FAQs

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Learning to scuba dive with Hidden Depths Scuba School is an incredible adventure! Your training includes three main sections, and upon sucessful completion of all course elements, you will have earned your new scuba certification!

1. Knowledge Development 

During the first phase of your PADI Open Water Diver course, you develop an understanding of the basic principles of scuba diving. You learn things like how pressure affects your body, how to choose the best scuba gear and what to consider when planning dives. Your dive theory is delivered using PADI's eLearning system, where you complete five sections, which finish with knoweldge reviews and quizzes to confirm you've taken on the information.

At the end of the course, you'll take an eLearning review with your instructor that makes sure you have all the key concepts and ideas down. You and your Instructor will review anything that you don't quite get until it's clear.

2. Confined Water Dives 

This is what it's all about – diving. You develop basic scuba skills by scuba diving in a pool. Here you'll learn everything from setting up your scuba gear to how to easily get water out of your scuba mask without surfacing. You'll also practice some emergency skills, like sharing air or replacing your scuba mask. Plus, you will have time to practice your new skills, make new friends and have a great time. There are five confined water dives, with each building upon the previous. Over the course of these five dives, you attain the skills you need to dive in open water.

3. Open Water Dives

After your confined water dives, you and the new friends you've made continue learning during four open water dives with your Instructor at a dive site. This is where you fully experience the underwater adventure. You may make these dives locally, or abroad if you choose to join us on a dive holiday!

At Hidden Depths Scuba School we offer a variety of course schedules to fit individual student needs. Our regular Open Water Diver course includes 6 weekly pool dives to complete your confined water dives, followed by a weekend of diving in open water to complete your course. This schedule is great as it allows plenty of time between pool dives for you to complete your home study dive theory, and make sure you're prepared for the next dive.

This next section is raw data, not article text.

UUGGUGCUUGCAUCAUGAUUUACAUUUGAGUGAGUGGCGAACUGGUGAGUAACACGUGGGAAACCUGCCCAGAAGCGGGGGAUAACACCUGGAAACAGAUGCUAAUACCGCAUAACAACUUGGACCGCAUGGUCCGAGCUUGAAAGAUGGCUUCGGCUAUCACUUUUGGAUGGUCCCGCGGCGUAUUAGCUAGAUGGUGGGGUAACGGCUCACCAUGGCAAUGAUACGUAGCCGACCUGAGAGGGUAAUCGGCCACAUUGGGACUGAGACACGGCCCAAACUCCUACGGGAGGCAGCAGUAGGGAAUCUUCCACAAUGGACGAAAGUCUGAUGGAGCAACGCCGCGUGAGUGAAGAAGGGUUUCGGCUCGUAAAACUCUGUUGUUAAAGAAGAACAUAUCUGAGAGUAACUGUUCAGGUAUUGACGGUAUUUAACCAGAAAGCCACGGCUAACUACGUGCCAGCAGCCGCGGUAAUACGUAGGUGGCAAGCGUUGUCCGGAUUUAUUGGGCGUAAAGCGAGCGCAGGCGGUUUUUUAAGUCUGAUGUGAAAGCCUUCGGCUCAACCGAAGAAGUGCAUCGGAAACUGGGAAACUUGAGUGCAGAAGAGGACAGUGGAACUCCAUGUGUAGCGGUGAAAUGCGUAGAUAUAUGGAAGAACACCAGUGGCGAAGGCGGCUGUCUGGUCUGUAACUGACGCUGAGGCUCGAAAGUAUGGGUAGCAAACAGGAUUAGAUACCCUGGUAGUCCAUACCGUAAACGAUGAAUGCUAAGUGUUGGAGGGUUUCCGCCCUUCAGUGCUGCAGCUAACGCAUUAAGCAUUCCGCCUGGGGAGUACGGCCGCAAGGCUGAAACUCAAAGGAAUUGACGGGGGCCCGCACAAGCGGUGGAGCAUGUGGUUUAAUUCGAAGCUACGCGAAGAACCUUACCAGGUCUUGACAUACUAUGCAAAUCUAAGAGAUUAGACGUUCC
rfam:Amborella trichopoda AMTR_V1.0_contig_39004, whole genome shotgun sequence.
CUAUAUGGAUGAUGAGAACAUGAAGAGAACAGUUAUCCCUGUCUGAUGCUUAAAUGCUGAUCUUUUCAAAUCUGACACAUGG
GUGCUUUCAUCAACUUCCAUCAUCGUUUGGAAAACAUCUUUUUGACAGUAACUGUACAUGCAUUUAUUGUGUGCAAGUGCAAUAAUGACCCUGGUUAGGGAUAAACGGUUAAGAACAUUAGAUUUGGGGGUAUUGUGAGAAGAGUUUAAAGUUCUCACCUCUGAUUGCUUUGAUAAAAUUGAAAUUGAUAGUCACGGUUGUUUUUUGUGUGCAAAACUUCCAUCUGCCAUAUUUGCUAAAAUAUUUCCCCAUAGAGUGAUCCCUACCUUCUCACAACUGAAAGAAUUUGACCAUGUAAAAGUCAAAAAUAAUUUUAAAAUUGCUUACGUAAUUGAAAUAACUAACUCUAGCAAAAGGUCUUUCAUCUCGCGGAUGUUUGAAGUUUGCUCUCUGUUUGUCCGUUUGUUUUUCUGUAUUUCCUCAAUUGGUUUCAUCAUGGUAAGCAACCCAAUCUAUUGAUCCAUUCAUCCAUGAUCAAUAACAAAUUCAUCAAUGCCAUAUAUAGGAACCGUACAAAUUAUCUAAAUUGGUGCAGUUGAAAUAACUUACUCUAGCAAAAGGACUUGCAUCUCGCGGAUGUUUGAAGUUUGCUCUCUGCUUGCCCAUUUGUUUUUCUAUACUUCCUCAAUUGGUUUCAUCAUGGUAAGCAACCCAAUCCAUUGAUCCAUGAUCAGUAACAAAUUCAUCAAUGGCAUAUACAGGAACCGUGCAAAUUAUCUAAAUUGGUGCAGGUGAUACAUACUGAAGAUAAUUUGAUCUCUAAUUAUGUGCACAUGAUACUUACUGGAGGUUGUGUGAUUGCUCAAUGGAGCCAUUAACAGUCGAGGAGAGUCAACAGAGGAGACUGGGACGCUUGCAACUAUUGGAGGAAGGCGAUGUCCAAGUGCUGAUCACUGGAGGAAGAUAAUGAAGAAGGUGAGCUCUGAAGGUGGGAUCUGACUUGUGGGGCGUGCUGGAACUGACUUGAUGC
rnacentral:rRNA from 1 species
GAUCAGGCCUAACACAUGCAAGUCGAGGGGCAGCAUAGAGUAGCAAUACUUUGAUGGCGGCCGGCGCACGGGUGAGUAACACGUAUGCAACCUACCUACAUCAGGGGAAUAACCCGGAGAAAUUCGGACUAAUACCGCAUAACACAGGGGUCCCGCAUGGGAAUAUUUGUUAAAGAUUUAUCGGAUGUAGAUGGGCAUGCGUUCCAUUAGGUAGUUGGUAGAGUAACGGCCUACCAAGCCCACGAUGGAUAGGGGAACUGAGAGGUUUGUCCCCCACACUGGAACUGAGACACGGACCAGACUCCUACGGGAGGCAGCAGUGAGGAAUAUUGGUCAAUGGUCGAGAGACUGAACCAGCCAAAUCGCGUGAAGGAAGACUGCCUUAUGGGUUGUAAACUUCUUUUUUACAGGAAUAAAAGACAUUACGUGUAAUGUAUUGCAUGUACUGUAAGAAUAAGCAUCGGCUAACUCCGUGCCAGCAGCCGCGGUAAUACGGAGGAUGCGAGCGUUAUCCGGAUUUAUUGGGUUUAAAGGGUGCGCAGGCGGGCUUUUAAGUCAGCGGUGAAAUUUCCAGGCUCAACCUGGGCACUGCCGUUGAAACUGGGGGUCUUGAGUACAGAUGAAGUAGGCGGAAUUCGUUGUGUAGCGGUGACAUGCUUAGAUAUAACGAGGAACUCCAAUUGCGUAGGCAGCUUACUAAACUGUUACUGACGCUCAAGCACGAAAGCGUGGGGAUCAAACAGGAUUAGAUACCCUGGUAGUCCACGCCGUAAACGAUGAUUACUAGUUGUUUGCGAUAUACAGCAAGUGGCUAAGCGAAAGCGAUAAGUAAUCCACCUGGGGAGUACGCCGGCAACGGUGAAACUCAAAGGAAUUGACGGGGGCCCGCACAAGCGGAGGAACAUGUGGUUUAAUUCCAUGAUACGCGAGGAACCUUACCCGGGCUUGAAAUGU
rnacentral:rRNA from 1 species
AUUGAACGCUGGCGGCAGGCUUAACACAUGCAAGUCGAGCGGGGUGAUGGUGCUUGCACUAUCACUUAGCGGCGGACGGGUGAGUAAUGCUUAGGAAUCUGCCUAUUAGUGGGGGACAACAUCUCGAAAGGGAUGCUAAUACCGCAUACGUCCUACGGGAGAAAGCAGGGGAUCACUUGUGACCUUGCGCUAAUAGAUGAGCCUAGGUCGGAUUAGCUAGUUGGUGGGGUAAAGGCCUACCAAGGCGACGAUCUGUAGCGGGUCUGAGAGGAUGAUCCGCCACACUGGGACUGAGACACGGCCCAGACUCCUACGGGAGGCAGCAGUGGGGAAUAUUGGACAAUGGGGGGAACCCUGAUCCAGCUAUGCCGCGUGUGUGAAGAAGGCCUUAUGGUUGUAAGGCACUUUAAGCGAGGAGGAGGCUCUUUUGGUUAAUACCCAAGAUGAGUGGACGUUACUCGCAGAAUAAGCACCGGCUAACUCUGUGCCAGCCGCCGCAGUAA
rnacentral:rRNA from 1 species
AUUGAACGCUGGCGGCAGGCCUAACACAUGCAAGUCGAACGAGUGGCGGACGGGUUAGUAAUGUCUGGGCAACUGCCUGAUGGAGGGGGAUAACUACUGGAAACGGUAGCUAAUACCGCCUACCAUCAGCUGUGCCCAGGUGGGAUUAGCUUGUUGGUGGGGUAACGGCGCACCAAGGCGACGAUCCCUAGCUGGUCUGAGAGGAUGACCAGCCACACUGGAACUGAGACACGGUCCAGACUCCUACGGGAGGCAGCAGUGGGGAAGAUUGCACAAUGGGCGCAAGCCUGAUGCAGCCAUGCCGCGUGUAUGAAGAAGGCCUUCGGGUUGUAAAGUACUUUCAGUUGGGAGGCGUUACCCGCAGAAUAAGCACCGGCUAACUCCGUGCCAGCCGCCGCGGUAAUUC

If you're a little short of time, it's possible to complete your confined and open water dives in as few as three days by taking part in an intensive style course offered by Hidden Depths Scuba School. This includes a full day of confined water training, followed by two days of diving in open water to complete your course. With this style of course, you would need to have completed the online eLearning before the course begins.

During either course style, your instructor's interest is in your learning to scuba dive, not in how long you take to complete the course. So, training is based upon demonstrating that you know what you need to know and can do what you need to do. This means that you progress at your own pace – faster or slower depending upon the time you need to become a confident scuba diver who dives regularly. You can start learning to scuba dive online right now with Hidden Depths Scuba School and PADI eLearning.

Compared with getting started in other popular adventure sports and outdoor activities, learning to scuba dive isn't expensive.

For example, you can expect to pay about the same as you would for:

  • a full day of surfing lessons
  • a weekend of rock climbing lessons
  • a weekend of kayaking lessons
  • a weekend of fly-fishing lessons
  • about three hours of private golf lessons
  • about three hours of private water skiing lessons
  • one amazing night out at the pub!